As of the 2000 United States Census, there were 8,708 people, 3,161 households, and 2,389 families residing in the borough. The population density was 3,353.3 people per square mile (1,293.1/km2). There were 3,258 housing units at an average density of 1,254.6 per square mile (483.8/km2). The racial makeup of the borough was 93.48% White, 0.86% African American, 0.14% Native American, 3.86% Asian, 0.02% Pacific Islander, 0.73% from other races, and 0.91% from two or more races. Hispanic or Latino of any race were 5.32% of the population.
There were 3,161 households out of which 33.3% had children under the age of 18 living with them, 65.9% were married couples living together, 7.5% had a female householder with no husband present, and 24.4% were non-families. 21.3% of all households were made up of individuals and 8.2% had someone living alone who was 65 years of age or older. The average household size was 2.67 and the average family size was 3.12.
In the borough the population was spread out with 23.5% under the age of 18, 5.6% from 18 to 24, 28.6% from 25 to 44, 26.2% from 45 to 64, and 16.2% who were 65 years of age or older. The median age was 41 years. For every 100 females there were 92.2 males. For every 100 females age 18 and over, there were 90.4 males.
The median income for a household in the borough was $66,632, and the median income for a family was $97,294. Males had a median income of $71,042 versus $40,714 for females. The per capita income for the borough was $40,351. About 1.2% of families and 3.1% of the population were below the poverty line, including 2.3% of those under age 18 and 2.1% of those age 65 or over.
Park Ridge is governed under the Borough form of New Jersey municipal government. The government consists of a Mayor and a Borough Council comprising six council members, with all positions elected at large. A Mayor is elected directly by the voters to a four-year term of office and only votes to break a tie. The Borough Council consists of six members elected to serve three-year terms on a staggered basis, with two seats coming up for election each year.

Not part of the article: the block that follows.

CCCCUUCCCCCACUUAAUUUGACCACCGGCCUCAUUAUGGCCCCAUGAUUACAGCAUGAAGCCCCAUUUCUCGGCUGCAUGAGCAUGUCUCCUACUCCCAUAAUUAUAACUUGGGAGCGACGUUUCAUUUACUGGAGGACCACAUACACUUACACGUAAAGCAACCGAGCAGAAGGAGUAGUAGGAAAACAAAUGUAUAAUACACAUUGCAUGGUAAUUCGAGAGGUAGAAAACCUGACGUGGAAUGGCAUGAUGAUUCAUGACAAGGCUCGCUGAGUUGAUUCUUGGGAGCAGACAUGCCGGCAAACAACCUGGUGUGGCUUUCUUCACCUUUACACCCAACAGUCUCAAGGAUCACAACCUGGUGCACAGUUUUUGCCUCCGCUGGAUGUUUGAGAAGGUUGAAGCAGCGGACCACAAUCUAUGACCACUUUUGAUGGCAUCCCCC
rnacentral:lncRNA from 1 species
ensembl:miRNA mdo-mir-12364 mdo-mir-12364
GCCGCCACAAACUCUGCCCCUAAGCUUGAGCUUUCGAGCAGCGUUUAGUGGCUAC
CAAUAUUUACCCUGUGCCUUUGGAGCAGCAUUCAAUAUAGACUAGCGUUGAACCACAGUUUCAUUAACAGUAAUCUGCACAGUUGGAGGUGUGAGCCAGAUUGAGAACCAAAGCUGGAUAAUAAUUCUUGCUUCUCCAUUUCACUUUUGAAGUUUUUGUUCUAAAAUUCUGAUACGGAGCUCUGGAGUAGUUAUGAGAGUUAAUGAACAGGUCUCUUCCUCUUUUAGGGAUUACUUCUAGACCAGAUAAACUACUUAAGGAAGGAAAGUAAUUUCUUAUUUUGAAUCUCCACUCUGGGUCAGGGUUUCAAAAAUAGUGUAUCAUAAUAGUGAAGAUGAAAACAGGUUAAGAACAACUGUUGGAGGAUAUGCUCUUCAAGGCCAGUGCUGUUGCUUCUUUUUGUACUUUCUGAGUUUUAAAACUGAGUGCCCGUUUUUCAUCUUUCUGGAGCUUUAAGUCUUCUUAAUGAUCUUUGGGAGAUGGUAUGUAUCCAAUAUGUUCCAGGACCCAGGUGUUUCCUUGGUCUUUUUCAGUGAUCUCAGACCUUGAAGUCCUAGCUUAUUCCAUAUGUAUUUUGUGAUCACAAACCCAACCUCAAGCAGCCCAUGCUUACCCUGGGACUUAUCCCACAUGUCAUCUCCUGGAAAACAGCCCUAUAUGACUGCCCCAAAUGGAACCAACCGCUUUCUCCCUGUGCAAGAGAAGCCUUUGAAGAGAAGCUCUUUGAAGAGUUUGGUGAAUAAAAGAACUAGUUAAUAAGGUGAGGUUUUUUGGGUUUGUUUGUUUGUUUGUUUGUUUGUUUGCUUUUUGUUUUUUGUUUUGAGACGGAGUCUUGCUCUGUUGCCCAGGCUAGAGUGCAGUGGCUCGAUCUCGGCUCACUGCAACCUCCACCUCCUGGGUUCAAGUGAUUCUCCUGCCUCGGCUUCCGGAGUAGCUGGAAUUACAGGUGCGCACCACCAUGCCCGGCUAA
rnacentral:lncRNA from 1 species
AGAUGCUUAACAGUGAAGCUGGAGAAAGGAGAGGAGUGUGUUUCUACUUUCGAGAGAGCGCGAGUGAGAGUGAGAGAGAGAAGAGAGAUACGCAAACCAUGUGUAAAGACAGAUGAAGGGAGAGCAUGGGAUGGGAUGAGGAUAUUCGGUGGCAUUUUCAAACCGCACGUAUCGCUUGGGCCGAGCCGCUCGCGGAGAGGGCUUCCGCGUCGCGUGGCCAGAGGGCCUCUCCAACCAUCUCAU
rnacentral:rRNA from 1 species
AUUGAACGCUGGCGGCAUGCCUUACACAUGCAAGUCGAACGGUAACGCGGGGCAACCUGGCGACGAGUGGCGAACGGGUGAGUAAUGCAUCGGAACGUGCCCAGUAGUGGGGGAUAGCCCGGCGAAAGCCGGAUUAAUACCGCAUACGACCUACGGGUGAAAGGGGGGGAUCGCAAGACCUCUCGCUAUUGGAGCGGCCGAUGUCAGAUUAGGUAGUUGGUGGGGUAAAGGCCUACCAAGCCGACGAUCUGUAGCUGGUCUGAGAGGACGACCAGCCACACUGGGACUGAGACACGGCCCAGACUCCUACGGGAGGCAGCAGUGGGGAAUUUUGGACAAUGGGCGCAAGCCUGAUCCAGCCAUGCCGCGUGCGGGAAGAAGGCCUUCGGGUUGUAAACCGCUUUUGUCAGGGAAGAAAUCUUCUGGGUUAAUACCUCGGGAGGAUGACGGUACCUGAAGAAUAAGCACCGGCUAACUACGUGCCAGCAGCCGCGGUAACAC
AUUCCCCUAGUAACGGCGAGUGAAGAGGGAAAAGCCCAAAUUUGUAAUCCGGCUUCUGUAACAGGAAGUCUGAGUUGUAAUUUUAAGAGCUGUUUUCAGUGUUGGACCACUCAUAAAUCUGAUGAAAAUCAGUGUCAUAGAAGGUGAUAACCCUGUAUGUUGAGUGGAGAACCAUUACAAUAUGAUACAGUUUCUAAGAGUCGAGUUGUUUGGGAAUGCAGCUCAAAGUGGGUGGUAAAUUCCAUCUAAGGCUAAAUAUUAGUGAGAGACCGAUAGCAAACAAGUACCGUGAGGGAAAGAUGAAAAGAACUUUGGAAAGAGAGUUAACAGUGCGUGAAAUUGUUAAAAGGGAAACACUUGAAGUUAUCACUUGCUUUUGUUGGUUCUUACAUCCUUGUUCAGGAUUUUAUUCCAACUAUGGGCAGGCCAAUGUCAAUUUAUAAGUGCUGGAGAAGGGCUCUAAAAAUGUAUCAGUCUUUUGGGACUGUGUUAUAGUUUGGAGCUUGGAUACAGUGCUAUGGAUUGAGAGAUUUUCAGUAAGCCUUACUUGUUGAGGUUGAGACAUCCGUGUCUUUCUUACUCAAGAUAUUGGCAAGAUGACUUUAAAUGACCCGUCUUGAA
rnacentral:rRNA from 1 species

As of 2013[update], the mayor of the Borough of Park Ridge is Terence Maguire (D, term ends December 31, 2015). Members of the Park Ridge Borough Council are Council President Keith Misciagna (D, 2013), Richard Bosi (D, 2014), Scott Galdi (D, 2014), Steve Hopper (R, 2015), Ann Kilmartin (D, 2013) and Robert Oppelt (D, 2015).
Federal, state and county representation
New Jersey's Fifth Congressional District is represented by Scott Garrett (R, Wantage Township). New Jersey is represented in the United States Senate by Cory Booker (D, Newark; took office on October 31, 2013, after winning a special election to fill the seat of Frank Lautenberg) and Bob Menendez (D, North Bergen).
The 39th District of the New Jersey Legislature is represented in the State Senate by Gerald Cardinale (R, Demarest) and in the General Assembly by Holly Schepisi (R, River Vale) and Bob Schroeder (R, Washington Township, Bergen County). The Governor of New Jersey is Chris Christie (R, Mendham Township). The Lieutenant Governor of New Jersey is Kim Guadagno (R, Monmouth Beach).
Bergen County is governed by a directly elected County Executive, with legislative functions performed by a seven-member Board of Chosen Freeholders. The County Executive is Kathleen Donovan (R, Rutherford; term ends December 31, 2014). The seven freeholders are elected at-large in partisan elections on a staggered basis, with two or three seats coming up for election each year, with a Chairman, Vice Chairman and Chairman Pro Tempore selected from among its members at a reorganization meeting held each January. As of 2013[update], Bergen County's Freeholders are Freeholder Chairman David L. Ganz (D, 2014; Fair Lawn), Vice Chairwoman Joan Voss (D, 2014; Fort Lee), Chairman Pro Tempore John A. Felice (R, 2013; River Edge), Maura R. DeNicola (R, 2013; Franklin Lakes), John D. Mitchell (R, 2013; Cliffside Park), Steve Tanelli (D, 2015; North Arlington) and Tracy Silna Zur (D, 2015; Franklin Lakes). Countywide constitutional officials are Sheriff Michael Saudino (R), Surrogate Michael R. Dressler (D, Cresskill) and County Clerk John S. Hogan (D, Northvale).
As of Election Day, November 4, 2008, there were 5,578 registered voters. Of registered voters, 1,478 (26.5% of all registered voters) were registered as Democrats, 1,439 (25.8%) were registered as Republicans and 2,658 (47.7%) were registered as Unaffiliated. There were three voters registered to other parties.